British Columbia

French immersion shortage sparks parent camp-out in Salmon Arm

Several Salmon Arm parents have taken to camping out for days at the school district education centre, hoping to secure their children a coveted spot in French immersion.

1,000 students are turned away every year in 23 communities around B.C.

Salmon Arm parents have been lining up for days to secure scarce French immersion spots for their children. (Shannon Anamchara)

A group of Salmon Arm parents is in the middle of a three day camp-out outside the school district education centre, hoping to secure a coveted spot for their kids in French immersion.

Shannon Anamchara is one of about a dozen parents lined up since Sunday for registration Wednesday. Anamchara says she's lucky to be pulling day duty — her husband is spending his nights in the line-up. 

"It's very cold and somewhat wet," she said, sitting outside the North Okanagan-Shuswap #83 school district building. "He asked me to air out his sleeping bag today."

Salmon Arm has more than 40 spots for French immersion, but because siblings of existing students get priority there are only 12 openings, available on a first-come, first-served basis.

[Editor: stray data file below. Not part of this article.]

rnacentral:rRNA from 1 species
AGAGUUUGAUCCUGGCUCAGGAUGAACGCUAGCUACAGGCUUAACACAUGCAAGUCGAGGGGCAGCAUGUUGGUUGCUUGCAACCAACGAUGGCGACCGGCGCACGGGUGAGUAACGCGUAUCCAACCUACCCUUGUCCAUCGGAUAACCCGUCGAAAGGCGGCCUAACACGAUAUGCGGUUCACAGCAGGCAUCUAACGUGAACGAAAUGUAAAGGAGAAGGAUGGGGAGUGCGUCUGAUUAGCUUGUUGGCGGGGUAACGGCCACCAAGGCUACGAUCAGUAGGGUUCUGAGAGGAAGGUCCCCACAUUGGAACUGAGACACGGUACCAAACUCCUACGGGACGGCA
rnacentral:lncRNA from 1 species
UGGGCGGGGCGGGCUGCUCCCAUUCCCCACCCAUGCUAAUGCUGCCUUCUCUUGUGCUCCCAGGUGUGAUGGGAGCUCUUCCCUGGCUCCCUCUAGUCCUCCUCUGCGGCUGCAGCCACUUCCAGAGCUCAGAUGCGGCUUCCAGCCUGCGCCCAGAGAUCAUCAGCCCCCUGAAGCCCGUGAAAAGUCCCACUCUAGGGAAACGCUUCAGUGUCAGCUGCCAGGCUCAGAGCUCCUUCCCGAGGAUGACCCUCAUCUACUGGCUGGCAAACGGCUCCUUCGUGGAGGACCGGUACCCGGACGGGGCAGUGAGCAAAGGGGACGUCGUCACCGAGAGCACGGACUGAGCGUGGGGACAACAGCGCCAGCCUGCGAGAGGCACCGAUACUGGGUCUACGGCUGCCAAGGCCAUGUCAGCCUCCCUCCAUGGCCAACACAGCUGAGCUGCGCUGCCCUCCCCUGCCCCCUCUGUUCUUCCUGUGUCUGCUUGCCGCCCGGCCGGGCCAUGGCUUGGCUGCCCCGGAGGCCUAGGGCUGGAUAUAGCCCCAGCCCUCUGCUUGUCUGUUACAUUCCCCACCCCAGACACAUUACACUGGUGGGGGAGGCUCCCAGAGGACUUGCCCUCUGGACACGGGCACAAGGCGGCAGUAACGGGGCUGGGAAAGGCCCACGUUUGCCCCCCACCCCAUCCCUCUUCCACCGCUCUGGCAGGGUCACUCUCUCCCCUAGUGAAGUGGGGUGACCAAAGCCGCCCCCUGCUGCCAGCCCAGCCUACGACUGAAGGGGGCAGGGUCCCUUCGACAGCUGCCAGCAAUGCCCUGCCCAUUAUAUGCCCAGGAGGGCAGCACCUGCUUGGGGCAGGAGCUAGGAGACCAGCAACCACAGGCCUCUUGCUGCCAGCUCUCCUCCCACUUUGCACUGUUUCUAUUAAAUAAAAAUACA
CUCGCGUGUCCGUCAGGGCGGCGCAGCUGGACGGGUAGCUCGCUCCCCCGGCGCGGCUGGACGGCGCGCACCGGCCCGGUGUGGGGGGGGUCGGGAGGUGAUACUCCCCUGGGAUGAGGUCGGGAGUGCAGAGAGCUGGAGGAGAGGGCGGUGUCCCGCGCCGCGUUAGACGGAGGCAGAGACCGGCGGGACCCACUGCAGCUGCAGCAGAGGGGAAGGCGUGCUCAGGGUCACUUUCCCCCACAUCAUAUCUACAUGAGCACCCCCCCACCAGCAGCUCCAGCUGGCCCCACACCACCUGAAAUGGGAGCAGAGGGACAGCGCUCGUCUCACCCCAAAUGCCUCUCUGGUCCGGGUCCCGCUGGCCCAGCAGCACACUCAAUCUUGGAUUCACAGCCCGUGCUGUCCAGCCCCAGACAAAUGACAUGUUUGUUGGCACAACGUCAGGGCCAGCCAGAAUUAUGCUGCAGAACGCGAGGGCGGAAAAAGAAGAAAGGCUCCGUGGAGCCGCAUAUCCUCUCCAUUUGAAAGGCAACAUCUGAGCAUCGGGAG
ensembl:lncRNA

Despite years of shortages, there is still not enough French immersion space in 23 communities around B.C.,  with about 1,000 students getting turned away each year.

The Ministry of Advanced Education says it is in touch with post-secondary teacher-training schools to identify educational needs and points out that a bursary is available for would-be French instructors.

More French teachers needed

The three-day camp out began Sunday at the North Okanagan-Shuswap District Education Centre. (Shannon Anamchara)
Glyn Lewis, with Canadian Parents for French, says parents should be lobbying their school boards to create more spots and the provincial government could train more teachers to meet the demand.

"We have school districts going to Europe to recruit French immersion teachers," he told CBC News. "The teachers we're graduating aren't meeting the needs of our educational system."

Anamchara says something needs to change.

"This is the public school system and here we are having to stand in line and really it ends up being an elite group of kids who have parents with the capability to camp out for three nights to get them in."


To encourage thoughtful and respectful conversations, first and last names will appear with each submission to CBC/Radio-Canada's online communities (except in children and youth-oriented communities). Pseudonyms will no longer be permitted.

By submitting a comment, you accept that CBC has the right to reproduce and publish that comment in whole or in part, in any manner CBC chooses. Please note that CBC does not endorse the opinions expressed in comments. Comments on this story are moderated according to our Submission Guidelines. Comments are welcome while open. We reserve the right to close comments at any time.

Become a CBC Member

Join the conversation  Create account

Already have an account?